Tissue engineering is one of the cutting edge disciplines in biomedicine. Basically, it aims the development of tissues and organs by measn of the application of in-vitro cell culture techniques in order to grow tissues, or even full organs, which can be used to replace those of the human body which are ill or have lost its functionality. Thus, tissue engineering promises a new paradigm in the treatment of many diseases as well as to revolution the current organ transplatation scheme since, when totally developed, full new organs will be grown in-vitro to replace those damaged removing the need from donors, which is maybe the bottleneck for the application of these techniques nowadays.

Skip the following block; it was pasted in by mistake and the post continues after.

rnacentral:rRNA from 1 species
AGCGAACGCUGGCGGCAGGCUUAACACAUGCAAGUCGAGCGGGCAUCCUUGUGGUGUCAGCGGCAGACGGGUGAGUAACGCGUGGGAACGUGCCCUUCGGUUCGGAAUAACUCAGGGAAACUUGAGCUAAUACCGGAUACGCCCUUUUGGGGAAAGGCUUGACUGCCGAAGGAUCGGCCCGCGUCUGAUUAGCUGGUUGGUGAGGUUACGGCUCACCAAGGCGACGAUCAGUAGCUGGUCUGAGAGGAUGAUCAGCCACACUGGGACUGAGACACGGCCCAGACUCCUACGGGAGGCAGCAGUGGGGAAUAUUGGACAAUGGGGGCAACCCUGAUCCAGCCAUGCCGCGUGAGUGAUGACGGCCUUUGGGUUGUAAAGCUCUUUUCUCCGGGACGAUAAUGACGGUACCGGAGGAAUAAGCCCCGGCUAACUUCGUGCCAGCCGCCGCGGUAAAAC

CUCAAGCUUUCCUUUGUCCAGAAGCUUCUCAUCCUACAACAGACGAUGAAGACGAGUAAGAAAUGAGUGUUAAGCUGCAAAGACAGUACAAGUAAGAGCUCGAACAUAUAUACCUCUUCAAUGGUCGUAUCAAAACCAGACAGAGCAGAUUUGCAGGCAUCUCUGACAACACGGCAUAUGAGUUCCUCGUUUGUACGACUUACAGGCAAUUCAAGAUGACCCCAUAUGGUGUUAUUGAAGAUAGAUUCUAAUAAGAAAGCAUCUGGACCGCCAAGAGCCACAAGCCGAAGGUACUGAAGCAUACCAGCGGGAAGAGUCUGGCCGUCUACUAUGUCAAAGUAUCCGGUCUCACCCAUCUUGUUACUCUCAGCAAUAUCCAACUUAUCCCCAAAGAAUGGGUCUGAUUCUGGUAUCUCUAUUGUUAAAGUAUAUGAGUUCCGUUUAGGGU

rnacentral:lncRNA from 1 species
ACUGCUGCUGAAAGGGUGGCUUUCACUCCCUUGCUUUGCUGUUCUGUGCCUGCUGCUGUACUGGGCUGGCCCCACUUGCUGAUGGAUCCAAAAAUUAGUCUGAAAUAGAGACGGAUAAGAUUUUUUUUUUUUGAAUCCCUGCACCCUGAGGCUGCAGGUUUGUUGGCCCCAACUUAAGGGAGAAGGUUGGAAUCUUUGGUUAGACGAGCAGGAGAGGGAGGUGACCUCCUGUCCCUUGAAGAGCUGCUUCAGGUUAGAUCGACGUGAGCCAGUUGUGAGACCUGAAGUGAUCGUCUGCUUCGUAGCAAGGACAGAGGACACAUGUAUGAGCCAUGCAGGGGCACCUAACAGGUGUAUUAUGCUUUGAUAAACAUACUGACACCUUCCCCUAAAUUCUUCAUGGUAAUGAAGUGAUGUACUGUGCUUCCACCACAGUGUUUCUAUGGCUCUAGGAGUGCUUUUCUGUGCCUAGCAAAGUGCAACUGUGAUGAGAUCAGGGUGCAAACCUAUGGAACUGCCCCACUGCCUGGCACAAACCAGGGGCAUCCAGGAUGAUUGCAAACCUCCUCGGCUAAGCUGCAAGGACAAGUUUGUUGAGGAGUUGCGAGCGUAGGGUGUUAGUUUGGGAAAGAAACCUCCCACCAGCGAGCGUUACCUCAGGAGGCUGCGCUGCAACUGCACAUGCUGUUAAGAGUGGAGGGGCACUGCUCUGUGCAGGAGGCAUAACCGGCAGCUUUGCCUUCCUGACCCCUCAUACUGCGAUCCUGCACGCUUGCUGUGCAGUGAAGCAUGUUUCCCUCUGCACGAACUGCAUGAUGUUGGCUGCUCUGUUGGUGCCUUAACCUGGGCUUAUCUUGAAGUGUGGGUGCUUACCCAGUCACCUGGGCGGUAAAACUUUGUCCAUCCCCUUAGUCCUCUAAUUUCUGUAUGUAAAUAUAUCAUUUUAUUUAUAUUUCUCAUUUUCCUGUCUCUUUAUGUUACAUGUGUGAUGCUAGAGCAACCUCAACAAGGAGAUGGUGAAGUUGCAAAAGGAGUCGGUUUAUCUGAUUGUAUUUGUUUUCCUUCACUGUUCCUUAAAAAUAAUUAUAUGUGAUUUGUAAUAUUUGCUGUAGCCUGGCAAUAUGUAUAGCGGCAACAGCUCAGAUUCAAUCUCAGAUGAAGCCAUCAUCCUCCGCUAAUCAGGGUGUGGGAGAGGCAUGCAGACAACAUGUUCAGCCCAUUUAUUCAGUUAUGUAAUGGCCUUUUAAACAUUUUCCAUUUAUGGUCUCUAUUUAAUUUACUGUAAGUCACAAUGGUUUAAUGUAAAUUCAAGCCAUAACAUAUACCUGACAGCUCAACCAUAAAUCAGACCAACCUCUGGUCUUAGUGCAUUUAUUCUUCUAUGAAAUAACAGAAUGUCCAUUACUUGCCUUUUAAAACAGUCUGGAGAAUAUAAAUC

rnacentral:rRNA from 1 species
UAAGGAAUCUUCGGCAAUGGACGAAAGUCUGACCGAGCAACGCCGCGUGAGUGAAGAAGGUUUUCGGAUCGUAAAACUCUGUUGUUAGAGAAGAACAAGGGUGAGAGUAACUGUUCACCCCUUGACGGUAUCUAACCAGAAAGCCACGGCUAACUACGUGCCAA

In the last decades, a lot of effort has been put in the investigation of the tissue engineering techniques, which pose a variety of challenges when compared to the traditional cell culture techniques. Perhaps the most relevant difference is related to the particular geometry of the substrates in which cells are grown aiming to develop an engineered tissue or organ. Usually, three dimensional scaffolds are used in tissue engineering, which makes a big difference compared with the usual bi-dimensional surface used in standard cell culture. The incorporation of three